Walton v. Walton

Annotate this Case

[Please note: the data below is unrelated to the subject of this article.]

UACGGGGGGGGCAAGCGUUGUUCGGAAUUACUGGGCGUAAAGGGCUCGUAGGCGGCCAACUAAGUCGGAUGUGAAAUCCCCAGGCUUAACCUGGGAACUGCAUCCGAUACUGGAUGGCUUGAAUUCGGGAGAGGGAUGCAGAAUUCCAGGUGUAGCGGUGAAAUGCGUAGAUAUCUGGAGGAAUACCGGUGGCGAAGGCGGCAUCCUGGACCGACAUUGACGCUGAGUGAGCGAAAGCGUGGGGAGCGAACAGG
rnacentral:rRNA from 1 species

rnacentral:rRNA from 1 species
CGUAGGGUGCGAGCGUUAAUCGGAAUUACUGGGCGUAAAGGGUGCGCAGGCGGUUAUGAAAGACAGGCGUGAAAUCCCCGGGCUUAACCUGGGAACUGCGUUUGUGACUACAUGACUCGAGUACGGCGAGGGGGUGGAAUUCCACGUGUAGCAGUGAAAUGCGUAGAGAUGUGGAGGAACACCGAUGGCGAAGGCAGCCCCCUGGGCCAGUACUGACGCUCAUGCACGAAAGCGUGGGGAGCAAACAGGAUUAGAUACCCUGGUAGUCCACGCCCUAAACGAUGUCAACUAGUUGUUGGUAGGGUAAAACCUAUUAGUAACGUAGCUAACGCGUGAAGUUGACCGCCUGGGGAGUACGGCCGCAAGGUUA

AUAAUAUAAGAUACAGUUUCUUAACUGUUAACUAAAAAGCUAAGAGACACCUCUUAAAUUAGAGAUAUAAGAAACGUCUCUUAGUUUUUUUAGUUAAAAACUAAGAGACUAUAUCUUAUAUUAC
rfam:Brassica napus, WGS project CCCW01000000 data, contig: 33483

Download PDF